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wwd beauty inc

pete unplugged

Conversation Starters

WWD’s Pete Born talks to the new generation of bloggers who are helping established beauty brands resonate with a wider consumer base.

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stée would be pleased. high-end beauty line, but not necessarily fitting into an overall lifestyle.” Decades after she coined her well-worn slogan—“Telephone, Schuman sees her role as writing about a gamut of different products and how telegraph, tell a woman”—her dictum on the power of old fashioned they add up to “this overall kind of elevated lifestyle.” She notes, “a [magazine] over-the-counter social media has been updated to texting, beauty editor just focuses on the one product,” while pointing out “both are equally tweeting and blogging, thanks to the digital age and a cadre of important, but they are very different roles.” self-made makeup and lifestyle experts broadcasting to a horde Schuman says she came to the brand on her own. “As a child, my mom and my of followers. The latest to emerge is Emily Schuman, a 28-yeargrandma used to give me their samples to play with. But as an adult I found the old who founded her own Cupcakes and Cashmere blog and signed on as Estée brand on my own. The nail polishes are fantastic. Then I discovered the lipsticks; Lauder’s social media and guest editor for esteelauder.com earlier this year. She bright and matte and exactly what I was looking for.” follows Michelle Phan, who earlier signed on with Lancôme, and the pioneering Her attraction to the brand is key, considering that, on the surface, a blogger’s Lauren Luke, who started the digital pixels flying and recently signed on as a image of independence and impartiality might seem at odds with a gig as a guest digital ambassador for Unilever’s Simple brand. editor for a brand. “I see myself as an editor,” she says. “One of the things that I “They’ve got a following and they are today’s entrepreneurs,” says Jane find most appealing and most intimidating about Estée Lauder is that there are a Hertzmark Hudis, global brand president of Estée Lauder. ton of products that appeal to different races and different “I’m not so sure they are not close to Estée Lauder herself.” ages.” She adds, “At the end of the day, I’m putting out Some questions are inevitable: Are these the new products that I love and that reaches a very niche audience.” authorities in beauty? Will department store beauty In that sense, she sees herself as completely independent. advisers and magazine editors take a back seat? The answer “That’s the only way this collaboration would have worked.” so far is “No.” If anything, the new digiterati are greatly Wendy Liebmann, chief executive officer of WSL Strategic —Jane Hertzmark Hudis widening the conversation with their instant, global reach. Retail, touched on an observation made by Hudis, that it Web users have formed a community, like magazine readis tricky business to reach out to a new generation of users ers and TV viewers. The give and take across the Internet is while trying not to alienate your loyal base. “They are part changing the way consumers are behaving, according to media watchers. People have of a new conversation, a more democratic power of the people to drive and build long been searching for a sense of validation of purpose or desire. In terms of the Web, sales,” Liebmann says. “How do you, as an established company, take part in the that means a democratization of aspiration and communication. But there’s still a conversation?” The digital experts are not usurping the role of beauty advisers in pecking order. Consumers want to look to a leader. None of this seems to be diminish- the stores, they are transforming it. “When a customer walks into a store, she can ing the clout of old media, especially for fashion magazines that have embraced the be better informed than ever,” Liebmann says. cyber age. There is a convergence with the old and new. Of course, the street cred of Companies have to wholeheartedly embrace the new digital order and move celebrities is hard to match. “One tweet from Rihanna is worth more than a week of it to the center of their organizations, she insists. That involves overcoming TV,” says one keen watcher of pop culture. generational hang-ups. It also means getting the message right. “It only works if Hudis notes that Schuman touches on the classic Estée Lauder vision of lifestyle you’ve got the product and image that is relevant,” Liebmann says. “If you’ve got with its highly stylized advertising of the past. “Emily is close to that, but she does it nothing to sell them that is appropriate, so what?” in today’s way—in a blog.” “In today’s world, you can’t cheat the consumer,” says Marc Speichert, chief Or as an observer notes, “It’s a new way of consuming media” with bloggers putmarketing officer at L’Oréal USA, talking about Michelle Phan and the company’s ting the message in “a generational language.” other efforts in the blogosphere. “It’s very important for us to be authentic. I am Schuman, whose Cupcakes and Cashmere blog attracts three million visitors not going to drive consumers to the channel if they think we are pushing Lancôme a month, has written a number of posts picking out a slew of Lauder products products.” Speichert notes that a key asset is Phan’s sense of authenticity as she she likes and even hosted an event at the Century City branch of Bloomingdale’s uses different products. in Southern California, promoting Lauder’s Mad Men limited edition color Speichert sees the bloggers as fulfilling an important role, the second step in his cosmetics story. four-stage “path to purchase.” After the first phase—the traditional media-driven “We’ve seen an incredible increase in traffic. Context is so much of everything,” consumer awareness and consideration—comes the evaluation step, and that is Hudis says, noting that Schuman has provided “a fresh context. It’s a game changer.” where a blogger can keep a consumer from losing interest. The demographic of Schuman’s audience has been described as from 18 to 34 or For her part, Phan is going a step further, launching a new video channel called 44. The typical Lauder customer, at least in North America, is older. FAWN (For All Women Network), in which she and others rove around the globe “The ultimate goal is to mesh the two brands,” Schuman says. “On my site, I am looking for local beauty looks and tips. First up was Italy and next is New Zealand. trying to promote an elevated lifestyle that meshes well with the Lauder brand, The digital and geographic worlds of beauty are coming into alignment. Are you a kind of sophistication. People saw the Lauder brand as this really established, on board? Let me know at peter_born@fairchildfashion.com.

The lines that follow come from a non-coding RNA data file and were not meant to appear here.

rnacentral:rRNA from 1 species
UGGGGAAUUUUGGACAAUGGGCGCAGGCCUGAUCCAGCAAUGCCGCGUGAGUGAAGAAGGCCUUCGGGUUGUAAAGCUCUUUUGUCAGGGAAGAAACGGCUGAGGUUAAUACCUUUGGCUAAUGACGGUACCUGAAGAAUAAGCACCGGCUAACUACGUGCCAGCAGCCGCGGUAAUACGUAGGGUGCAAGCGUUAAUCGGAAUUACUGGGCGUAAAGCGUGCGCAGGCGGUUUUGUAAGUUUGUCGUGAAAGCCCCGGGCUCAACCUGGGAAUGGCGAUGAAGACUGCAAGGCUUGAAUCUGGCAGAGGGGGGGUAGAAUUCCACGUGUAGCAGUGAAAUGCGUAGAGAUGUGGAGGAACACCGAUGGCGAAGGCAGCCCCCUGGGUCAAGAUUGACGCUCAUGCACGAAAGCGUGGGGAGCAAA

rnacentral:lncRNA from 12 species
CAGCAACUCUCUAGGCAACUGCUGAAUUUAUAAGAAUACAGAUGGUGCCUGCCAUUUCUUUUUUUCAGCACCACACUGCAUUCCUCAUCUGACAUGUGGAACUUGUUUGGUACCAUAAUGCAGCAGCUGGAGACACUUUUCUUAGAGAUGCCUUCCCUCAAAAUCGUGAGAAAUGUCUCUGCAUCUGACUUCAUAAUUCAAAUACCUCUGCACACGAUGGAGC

BB1204-PG06-Pete.b;9.indd 6

ILLUSTRATION BY LARA TOMLIN

“They’ve got a following and they are today’s entrepreneurs.”

3/28/12 11:09 AM

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Bloggers: The Industry's Conversation Starters, WWD April 13, 2012  

Wendy Liebmann, chief executive officer of WSL Strategic Retail, touched on an observation made by Hudis, that it is tricky business to reac...